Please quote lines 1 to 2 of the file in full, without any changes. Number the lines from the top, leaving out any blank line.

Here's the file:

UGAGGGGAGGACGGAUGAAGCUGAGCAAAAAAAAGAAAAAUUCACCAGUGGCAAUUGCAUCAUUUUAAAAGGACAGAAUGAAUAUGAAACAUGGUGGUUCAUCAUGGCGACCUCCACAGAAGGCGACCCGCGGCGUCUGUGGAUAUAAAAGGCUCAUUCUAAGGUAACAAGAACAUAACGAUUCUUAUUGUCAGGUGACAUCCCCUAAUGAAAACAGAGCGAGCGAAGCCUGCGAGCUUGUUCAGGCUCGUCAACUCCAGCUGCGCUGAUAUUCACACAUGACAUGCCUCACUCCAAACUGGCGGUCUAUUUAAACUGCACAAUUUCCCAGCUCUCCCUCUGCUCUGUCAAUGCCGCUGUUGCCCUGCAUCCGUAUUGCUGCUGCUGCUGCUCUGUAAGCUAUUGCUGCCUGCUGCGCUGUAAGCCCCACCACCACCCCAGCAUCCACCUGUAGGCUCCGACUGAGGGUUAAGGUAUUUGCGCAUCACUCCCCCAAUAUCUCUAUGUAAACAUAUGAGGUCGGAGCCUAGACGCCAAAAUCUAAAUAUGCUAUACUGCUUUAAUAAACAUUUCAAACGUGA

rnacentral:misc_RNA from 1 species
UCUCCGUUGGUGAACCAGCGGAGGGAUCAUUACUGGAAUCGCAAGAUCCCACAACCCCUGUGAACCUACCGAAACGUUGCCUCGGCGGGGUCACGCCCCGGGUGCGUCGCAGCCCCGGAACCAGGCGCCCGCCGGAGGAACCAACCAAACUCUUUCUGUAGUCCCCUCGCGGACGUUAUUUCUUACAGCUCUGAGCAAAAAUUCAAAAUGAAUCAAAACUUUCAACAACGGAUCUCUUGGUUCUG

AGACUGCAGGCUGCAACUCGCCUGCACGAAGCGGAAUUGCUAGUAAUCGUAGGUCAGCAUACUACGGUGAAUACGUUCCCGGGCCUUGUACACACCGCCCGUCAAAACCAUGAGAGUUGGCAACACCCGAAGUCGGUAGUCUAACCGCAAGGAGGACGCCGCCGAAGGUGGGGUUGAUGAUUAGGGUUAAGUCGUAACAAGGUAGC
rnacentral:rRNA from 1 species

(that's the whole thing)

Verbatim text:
UGAGGGGAGGACGGAUGAAGCUGAGCAAAAAAAAGAAAAAUUCACCAGUGGCAAUUGCAUCAUUUUAAAAGGACAGAAUGAAUAUGAAACAUGGUGGUUCAUCAUGGCGACCUCCACAGAAGGCGACCCGCGGCGUCUGUGGAUAUAAAAGGCUCAUUCUAAGGUAACAAGAACAUAACGAUUCUUAUUGUCAGGUGACAUCCCCUAAUGAAAACAGAGCGAGCGAAGCCUGCGAGCUUGUUCAGGCUCGUCAACUCCAGCUGCGCUGAUAUUCACACAUGACAUGCCUCACUCCAAACUGGCGGUCUAUUUAAACUGCACAAUUUCCCAGCUCUCCCUCUGCUCUGUCAAUGCCGCUGUUGCCCUGCAUCCGUAUUGCUGCUGCUGCUGCUCUGUAAGCUAUUGCUGCCUGCUGCGCUGUAAGCCCCACCACCACCCCAGCAUCCACCUGUAGGCUCCGACUGAGGGUUAAGGUAUUUGCGCAUCACUCCCCCAAUAUCUCUAUGUAAACAUAUGAGGUCGGAGCCUAGACGCCAAAAUCUAAAUAUGCUAUACUGCUUUAAUAAACAUUUCAAACGUGA

rnacentral:misc_RNA from 1 species